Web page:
CBS College Sports opens up its sixth season as the national college hockey package in America with Mercyhurst at Army Saturday night.
So what, you say?
I have to be honest here; any game involving a service academy is a special game. Remember, these kids are shooting pucks now, but they’ll be firing bullets and other projectiles in defense of our country in the future. I will never forget what an Army player told me six seasons ago when I asked him about why Army was such a great shot-blocking team. His answer: “We’ll be blocking bullets one day; pucks don’t really bother us.”
If that doesn’t grab your attention, you’re asleep.
On the flip side, one of college hockey’s longest-tenured coaches stands behind the Mercyhurst bench in the form of Rick Gotkin. Perhaps the game’s funniest coach, Gotkin is a straight shooter who tells like it is.
During his playing days in Division III, he didn’t play much (I can sympathize). His coach was E.J. McGuire, now the head of NHL Central Scouting, and in a game in which they were surrendering one odd-man rush after another, McGuire chastised his team between periods. He screamed at his defensemen, “Can anyone in this room tell me how to properly play a two-on-one? Gotkin, what happens when there is a two-on-one?”
Gotkin, who sat on the bench most of that game, replied, “I try to move down the bench to get a better look at it.” The room broke up laughing.
Speaking of hilarious coaches, congratulations are in order for Frank Serratore of Air Force on his contract being extended. He has done a great job there, as has Brian Riley at Army.
Army beats Miami: I’m okay with Miami getting beat by Army. Miami is a good program having a good year but a good, shocking upset can be the catalyst to a title run if it’s processed properly. We hit Miami for the weekend series with Michigan State next weekend on CBS College Sports.
The last thought on the World Junior Championships: We know that a fifth-place finish for Team USA isn’t really acceptable. However, for this to be a microcosm of the state of USA Hockey, as some fans have stated, is simply moronic. The U17’s had a good tourney in Vancouver over Christmas. The women’s program continues to flourish. The U18’s are always competitive against elite NCAA teams.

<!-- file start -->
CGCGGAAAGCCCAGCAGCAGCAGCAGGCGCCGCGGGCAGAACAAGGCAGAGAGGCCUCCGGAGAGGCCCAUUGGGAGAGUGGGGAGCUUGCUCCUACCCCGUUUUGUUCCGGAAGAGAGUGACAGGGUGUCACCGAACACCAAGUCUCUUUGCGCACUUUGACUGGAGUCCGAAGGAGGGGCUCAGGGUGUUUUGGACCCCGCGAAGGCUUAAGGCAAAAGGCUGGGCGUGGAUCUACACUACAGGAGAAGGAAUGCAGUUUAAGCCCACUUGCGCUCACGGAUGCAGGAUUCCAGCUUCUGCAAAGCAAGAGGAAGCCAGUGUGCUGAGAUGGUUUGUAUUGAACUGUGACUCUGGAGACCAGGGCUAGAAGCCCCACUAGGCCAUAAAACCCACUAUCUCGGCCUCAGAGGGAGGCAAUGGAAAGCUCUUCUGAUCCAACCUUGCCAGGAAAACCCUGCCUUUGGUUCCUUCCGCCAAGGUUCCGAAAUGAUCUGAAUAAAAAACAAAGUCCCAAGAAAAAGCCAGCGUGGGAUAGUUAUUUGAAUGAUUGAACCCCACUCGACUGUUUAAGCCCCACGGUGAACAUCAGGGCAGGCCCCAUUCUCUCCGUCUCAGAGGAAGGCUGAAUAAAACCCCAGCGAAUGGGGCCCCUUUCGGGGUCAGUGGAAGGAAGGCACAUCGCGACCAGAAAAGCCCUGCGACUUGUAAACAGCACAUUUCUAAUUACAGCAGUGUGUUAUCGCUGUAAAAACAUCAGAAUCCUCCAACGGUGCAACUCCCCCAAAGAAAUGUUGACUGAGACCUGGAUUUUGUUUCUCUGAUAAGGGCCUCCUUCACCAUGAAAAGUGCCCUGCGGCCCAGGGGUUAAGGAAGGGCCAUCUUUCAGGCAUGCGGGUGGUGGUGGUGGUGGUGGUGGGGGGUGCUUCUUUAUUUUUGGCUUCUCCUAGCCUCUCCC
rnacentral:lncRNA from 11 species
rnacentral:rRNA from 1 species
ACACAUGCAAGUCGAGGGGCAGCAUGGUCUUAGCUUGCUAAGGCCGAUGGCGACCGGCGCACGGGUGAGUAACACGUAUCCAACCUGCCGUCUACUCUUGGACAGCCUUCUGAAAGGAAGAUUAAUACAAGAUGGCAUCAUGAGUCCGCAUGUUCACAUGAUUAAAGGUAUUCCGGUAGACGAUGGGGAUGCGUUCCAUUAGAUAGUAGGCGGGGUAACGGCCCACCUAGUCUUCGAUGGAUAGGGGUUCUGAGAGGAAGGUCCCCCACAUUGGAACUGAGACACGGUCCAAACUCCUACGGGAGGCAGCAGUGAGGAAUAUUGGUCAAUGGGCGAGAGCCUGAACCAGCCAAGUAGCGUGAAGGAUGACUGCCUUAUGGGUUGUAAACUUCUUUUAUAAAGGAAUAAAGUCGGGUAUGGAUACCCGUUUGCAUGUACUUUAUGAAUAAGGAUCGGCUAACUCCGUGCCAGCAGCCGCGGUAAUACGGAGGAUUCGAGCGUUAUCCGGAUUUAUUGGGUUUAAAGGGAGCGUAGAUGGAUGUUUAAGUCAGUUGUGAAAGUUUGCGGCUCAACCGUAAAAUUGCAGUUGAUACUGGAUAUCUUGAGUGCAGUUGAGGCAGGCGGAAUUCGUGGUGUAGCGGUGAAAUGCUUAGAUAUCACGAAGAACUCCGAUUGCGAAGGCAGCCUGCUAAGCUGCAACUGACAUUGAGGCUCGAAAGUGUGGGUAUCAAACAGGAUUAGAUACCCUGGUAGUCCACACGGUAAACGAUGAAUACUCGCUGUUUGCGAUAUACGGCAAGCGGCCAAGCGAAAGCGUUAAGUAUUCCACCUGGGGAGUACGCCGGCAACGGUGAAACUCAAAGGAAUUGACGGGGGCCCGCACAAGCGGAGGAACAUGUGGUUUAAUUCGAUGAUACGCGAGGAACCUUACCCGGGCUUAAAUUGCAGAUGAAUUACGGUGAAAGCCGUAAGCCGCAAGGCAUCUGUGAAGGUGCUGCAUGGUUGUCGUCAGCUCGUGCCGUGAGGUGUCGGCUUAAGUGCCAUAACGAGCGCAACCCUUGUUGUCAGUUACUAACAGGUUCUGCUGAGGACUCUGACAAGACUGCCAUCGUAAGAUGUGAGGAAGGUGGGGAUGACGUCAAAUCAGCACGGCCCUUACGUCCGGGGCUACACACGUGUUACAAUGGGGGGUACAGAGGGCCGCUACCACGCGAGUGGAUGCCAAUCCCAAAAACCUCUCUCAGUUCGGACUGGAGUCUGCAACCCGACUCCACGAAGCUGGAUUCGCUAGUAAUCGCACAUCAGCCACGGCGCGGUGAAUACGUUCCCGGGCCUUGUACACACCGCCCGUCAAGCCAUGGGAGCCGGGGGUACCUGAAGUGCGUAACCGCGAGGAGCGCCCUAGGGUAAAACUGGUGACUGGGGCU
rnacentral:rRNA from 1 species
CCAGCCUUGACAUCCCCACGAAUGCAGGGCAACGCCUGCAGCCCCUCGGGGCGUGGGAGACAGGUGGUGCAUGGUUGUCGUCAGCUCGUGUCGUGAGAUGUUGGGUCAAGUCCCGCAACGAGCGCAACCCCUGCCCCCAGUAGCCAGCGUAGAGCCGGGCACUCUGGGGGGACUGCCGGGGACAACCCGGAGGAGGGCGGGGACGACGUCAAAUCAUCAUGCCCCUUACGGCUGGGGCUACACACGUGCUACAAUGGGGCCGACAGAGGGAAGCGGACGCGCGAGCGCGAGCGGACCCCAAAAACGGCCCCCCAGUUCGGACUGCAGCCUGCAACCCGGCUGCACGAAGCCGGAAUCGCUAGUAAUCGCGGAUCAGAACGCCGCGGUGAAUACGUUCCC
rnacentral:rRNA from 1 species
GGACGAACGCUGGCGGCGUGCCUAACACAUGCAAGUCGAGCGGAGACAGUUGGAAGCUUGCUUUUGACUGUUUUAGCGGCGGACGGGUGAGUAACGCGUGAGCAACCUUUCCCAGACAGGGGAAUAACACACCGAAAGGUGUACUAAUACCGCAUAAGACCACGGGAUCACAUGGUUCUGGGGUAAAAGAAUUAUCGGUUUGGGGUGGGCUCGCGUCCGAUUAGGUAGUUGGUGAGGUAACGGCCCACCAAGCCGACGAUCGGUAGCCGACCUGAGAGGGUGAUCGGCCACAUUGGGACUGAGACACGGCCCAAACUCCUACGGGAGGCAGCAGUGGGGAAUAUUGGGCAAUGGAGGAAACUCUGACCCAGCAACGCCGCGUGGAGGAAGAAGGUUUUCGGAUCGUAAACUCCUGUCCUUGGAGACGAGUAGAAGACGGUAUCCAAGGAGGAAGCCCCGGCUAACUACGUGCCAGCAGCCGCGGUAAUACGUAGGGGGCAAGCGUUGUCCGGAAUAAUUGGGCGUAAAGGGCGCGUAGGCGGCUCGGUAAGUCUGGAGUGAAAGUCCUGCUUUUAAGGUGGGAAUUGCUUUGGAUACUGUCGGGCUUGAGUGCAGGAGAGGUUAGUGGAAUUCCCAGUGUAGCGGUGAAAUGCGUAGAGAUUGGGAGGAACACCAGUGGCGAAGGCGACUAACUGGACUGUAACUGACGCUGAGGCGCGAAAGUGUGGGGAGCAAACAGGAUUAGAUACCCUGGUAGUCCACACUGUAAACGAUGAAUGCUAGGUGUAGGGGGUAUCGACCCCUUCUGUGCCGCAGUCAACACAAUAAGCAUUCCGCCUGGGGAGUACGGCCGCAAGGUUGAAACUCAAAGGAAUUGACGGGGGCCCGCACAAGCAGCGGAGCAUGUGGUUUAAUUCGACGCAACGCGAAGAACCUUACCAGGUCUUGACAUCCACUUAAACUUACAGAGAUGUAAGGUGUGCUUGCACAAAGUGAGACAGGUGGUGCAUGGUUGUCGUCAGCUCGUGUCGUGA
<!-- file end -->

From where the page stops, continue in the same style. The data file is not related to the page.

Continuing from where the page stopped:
The U.S. team had a bad run and some bad luck in Ottawa. Get over it and move on. We have still won more gold medals at the World Juniors than the Cubs have won World Series in the last 100 years, and the Cubs are much better-funded. We all know that Team USA has to do better at this tourney, and it will in 2010.
Players to watch: Many players out there can be expected to have a good second half, and I’m betting Matt Rust of Michigan is one of them. I’m thinking Bryan Hogan is another. Here are a few more, including (but not limited to) Rhett Rakhshani, Jordan Schroeder, Alex Biega, and Brock Bradford. Want a goalie in there? Scott Darling of Maine.
Eastern bias my fanny! I sometimes get accused of eastern bias, which makes me laugh, but it scares me how quickly anyone west of the New York/Pennsylvania border can get their knickers in a snit anytime anyone out here in the Northeast says anything good about any team in the Northeast. Now, if you are in Big Ten country and have watched your football teams consistently get shelled in bowl games, I sympathize with your insecurities.
For the record, as a member of the Hobey Baker selection committee, the last two sets of Hobey Hat Trick finalists were the exact six I picked on my ballots, and the only easterner in there was John Curry, a native the state of hockey, Minnesota (though he played at Boston University).